Experiencing electronic monitoring

Delphine Vanhaelemeesch reports on the Belgian model

In Belgium, EM-supervision was extended to the national level in 2000 and received an explicit legal base in the 17 May 2006 Act on the External Legal Position of Prisoners. Over time there has been a slow but steady increase in the number of people being subjected to EM in Belgium.

Belgian law defines electronic monitoring (EM) as a form of sentencing, in the course of which an offender may spend all or part of his or her prison sentence outside prison. The offender has to comply with a predetermined time schedule and with specific probation conditions. Compliance is monitored using radio frequency electronic ankle bracelets. When they move out of the range of the transceivers in their homes, the National Centre of Electronic Monitoring (NCEM – run under the auspices of the Prison Service) is alerted. Recently, voice recognition technology has replaced bracelet-based EM for offenders sentenced up to eight months of imprisonment and in 2014 EM with GPS tracking will be introduced as an alternative to pre-trial detention.

EM is not yet a stand-alone sanction that can be administered by a judicial authority. Instead, EM is, after a conditional custodial sentence has been imposed, used as an alternative for imprisonment (the ‘front door’ approach), as well as a part of an early release agreement after the offender has been imprisoned for a certain period of time (the ‘back door’ approach). The length of the imposed prison sentence determines which legal framework is applicable. For prison sentences up to three years, offenders have to present themselves at the prison administration and request EM of the prison director. If an offender is sentenced to more than three years, he/she can make a written request for EM to the implementation court six months prior to the first possible conditional release date. Any offence, including violent offences, can qualify for EM.

Initially, EM practice in Belgium was characterised by a strong emphasis on individualised, intensive supervision, with both technical and social aspects. Trained social workers, employed by the NCEM, have been integral to the operation of the ‘Belgian model’. While being understood as a punishment, EMsupervision was intended to foster the reintegration of the offender into the community: control and guidance were to be balanced. However, in an attempt to ease prison overcrowding and to counter perceptions of leniency towards offenders, EM for those serving a prison sentence up to three years has recently been changed, following a new ministerial instruction in March 2013. In this ministerial instruction, the aims of sentencing shifted from the old ‘penal welfare’ approach of understanding and reforming individual offenders (old penology), to one that focuses on public protection and risk management (new penology). As a result, key elements of the ‘Belgian EM model’ – such as the social enquiry report, co-residents’ consent and frequent contact with ‘justice assistants’ (the equivalent of social workers or probation officers in other jurisdictions), are now only provided for two specific groups of offenders (comprising 33 per cent of the total) – offenders who were sentenced to more than three years imprisonment and offenders who were sentenced up to three years imprisonment if special conditions are present. For the remaining 66 per cent of offenders serving periods of under three years on EM, the focus has evolved from a balance between guidance and control to a mere focus on control and an expectation of self-reliance in their daily activities. This offender group only gets contact with a justice assistant when something goes wrong.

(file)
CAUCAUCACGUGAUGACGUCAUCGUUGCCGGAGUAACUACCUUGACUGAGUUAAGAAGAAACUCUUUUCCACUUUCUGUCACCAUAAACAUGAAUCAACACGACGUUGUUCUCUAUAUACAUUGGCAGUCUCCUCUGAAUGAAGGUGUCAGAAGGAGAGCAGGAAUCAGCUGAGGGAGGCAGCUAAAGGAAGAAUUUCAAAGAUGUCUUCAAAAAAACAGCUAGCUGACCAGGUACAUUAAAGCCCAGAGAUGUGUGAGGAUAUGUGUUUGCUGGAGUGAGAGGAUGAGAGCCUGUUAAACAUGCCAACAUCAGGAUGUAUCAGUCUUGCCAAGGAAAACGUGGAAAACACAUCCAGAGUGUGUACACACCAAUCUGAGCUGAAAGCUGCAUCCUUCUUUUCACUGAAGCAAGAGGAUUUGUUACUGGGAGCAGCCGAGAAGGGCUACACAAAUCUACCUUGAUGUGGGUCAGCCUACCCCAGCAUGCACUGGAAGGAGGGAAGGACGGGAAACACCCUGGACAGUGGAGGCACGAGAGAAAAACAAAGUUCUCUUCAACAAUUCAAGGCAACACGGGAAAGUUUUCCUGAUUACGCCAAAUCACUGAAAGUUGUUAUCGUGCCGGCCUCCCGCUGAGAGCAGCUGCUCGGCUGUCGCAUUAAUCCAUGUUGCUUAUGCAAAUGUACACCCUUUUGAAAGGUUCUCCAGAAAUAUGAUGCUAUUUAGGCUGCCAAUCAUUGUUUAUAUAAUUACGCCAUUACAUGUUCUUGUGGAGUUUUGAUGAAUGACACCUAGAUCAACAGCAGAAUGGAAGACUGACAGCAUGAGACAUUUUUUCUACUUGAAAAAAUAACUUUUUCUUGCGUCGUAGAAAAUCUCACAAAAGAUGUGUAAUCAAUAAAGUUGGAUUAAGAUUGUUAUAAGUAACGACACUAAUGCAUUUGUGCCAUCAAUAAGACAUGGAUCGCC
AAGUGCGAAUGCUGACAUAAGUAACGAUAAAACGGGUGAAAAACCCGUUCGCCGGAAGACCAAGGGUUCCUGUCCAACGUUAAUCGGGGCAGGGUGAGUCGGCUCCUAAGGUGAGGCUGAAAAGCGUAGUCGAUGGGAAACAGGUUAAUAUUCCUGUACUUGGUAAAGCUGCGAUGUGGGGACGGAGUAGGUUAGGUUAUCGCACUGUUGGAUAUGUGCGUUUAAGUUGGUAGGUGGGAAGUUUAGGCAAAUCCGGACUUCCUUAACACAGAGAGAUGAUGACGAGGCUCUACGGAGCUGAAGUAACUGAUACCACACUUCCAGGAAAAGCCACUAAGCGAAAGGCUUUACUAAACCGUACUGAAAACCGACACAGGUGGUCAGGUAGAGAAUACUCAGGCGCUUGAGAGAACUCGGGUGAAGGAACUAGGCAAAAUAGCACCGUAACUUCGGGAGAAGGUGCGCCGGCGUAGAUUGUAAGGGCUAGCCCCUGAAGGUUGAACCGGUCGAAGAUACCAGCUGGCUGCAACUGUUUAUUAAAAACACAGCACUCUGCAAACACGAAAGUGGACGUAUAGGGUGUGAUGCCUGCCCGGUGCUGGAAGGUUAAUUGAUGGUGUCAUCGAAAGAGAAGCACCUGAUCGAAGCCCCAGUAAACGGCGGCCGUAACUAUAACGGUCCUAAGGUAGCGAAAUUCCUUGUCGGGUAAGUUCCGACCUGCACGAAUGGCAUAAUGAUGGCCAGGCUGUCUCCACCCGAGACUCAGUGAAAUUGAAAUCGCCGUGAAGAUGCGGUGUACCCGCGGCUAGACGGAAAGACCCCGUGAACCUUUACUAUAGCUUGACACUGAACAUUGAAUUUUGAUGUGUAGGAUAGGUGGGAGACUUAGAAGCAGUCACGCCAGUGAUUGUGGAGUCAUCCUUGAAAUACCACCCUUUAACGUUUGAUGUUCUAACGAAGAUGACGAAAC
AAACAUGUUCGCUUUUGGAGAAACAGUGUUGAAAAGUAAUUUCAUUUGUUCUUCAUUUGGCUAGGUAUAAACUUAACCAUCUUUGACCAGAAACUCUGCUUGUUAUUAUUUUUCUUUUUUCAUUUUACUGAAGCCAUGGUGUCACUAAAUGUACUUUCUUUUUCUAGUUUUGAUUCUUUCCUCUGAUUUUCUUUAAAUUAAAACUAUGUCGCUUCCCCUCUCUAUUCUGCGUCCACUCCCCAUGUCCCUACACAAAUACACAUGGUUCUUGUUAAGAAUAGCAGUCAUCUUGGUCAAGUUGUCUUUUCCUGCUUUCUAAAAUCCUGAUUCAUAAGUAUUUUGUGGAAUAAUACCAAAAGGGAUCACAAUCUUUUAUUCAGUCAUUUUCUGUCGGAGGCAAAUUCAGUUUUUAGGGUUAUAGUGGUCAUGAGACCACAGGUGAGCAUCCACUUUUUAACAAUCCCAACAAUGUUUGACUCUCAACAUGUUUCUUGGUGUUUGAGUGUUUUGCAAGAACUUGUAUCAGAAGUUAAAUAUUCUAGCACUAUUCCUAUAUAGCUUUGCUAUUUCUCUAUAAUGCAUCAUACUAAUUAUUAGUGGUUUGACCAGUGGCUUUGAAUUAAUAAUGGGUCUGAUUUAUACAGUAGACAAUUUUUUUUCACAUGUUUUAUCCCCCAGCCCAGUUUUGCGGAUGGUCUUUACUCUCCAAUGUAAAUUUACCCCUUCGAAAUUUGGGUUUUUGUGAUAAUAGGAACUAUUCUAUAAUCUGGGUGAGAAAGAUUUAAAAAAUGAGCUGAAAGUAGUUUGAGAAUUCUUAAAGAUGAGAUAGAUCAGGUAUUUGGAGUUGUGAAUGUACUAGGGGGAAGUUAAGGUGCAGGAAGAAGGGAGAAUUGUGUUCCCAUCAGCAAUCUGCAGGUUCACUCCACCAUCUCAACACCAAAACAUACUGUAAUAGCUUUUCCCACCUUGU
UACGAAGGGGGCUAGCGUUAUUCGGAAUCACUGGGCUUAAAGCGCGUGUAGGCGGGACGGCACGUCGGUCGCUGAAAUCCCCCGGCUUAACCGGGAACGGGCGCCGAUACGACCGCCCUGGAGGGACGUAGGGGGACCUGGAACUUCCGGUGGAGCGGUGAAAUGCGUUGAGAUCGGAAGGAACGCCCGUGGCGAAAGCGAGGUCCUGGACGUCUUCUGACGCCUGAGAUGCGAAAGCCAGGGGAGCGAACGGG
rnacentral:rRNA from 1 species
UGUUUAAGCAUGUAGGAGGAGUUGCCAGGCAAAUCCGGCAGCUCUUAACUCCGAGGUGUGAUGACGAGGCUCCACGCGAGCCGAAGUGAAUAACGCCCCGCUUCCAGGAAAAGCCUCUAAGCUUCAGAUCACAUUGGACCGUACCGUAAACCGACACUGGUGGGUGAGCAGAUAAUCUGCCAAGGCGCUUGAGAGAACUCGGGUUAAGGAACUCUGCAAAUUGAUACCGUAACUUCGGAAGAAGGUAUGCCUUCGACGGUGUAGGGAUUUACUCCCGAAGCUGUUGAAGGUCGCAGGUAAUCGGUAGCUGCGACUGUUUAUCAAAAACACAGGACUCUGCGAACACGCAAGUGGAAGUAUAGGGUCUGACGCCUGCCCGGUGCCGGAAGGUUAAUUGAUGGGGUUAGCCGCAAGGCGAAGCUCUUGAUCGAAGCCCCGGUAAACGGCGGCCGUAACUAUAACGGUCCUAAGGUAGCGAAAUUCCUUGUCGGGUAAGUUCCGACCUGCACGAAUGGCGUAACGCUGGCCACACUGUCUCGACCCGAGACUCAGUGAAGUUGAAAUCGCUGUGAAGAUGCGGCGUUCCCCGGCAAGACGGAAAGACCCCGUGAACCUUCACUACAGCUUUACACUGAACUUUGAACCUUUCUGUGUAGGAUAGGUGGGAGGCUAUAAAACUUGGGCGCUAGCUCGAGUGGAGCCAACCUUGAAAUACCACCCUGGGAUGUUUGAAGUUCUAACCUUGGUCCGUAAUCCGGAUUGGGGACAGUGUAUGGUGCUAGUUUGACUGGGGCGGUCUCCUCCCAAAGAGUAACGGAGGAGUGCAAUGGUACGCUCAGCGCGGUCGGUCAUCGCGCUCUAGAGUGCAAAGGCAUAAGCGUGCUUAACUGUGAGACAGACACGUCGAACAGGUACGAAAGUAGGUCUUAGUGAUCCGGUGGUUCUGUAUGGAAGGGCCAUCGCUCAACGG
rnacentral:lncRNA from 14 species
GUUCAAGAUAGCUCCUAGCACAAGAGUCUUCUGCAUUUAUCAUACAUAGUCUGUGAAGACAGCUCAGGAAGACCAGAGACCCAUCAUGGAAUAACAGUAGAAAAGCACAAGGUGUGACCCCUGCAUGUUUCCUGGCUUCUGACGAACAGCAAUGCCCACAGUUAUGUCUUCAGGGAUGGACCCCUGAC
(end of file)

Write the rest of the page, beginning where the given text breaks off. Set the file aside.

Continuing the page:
On the receiving end

My research explicitly aims to study the experience of convicted offenders and their co-residents who have experienced EM. Many still assume that EM generates less harmful side effects than imprisonment and has a more ‘humane’ character. These assumptions are mainly based on the beliefs of those applying EM; empirical evidence on the experience of offenders who have undergone EM has been less readily available. It is surely arguable, however, that punishment and leniency can only be properly understood if the experience of those undergoing the sanction is also considered.

To understand the experience of EM, a qualitative design was set up based on ‘experience research’, which explores the feelings, experiences and impressions of respondents. The choice of this design follows the academic approach that studies criminal justice interventions not only to reveal how they might reduce re-offending or harm (‘what works’), but also to find out how they affect ‘quality of life’ among people subjected to these interventions. Seventy-three offenders and 30 co-residents, living with 30 different persons under EM, agreed to be interviewed (a response rate of 75 per cent). During face-toface semi-structured interviews at their home, they were asked (separately) about their experiences of EM, both positive and negative. When possible, their EM experience was compared to accounts of their prior prison experience. The interviews took place in the period before the procedural change for prison sentences up to three years and at varying stages of the order. The results of the present study can be used to compare the experiences of offenders under EM and their co-residents on the one hand with the new focus of policy-makers on control on the other hand.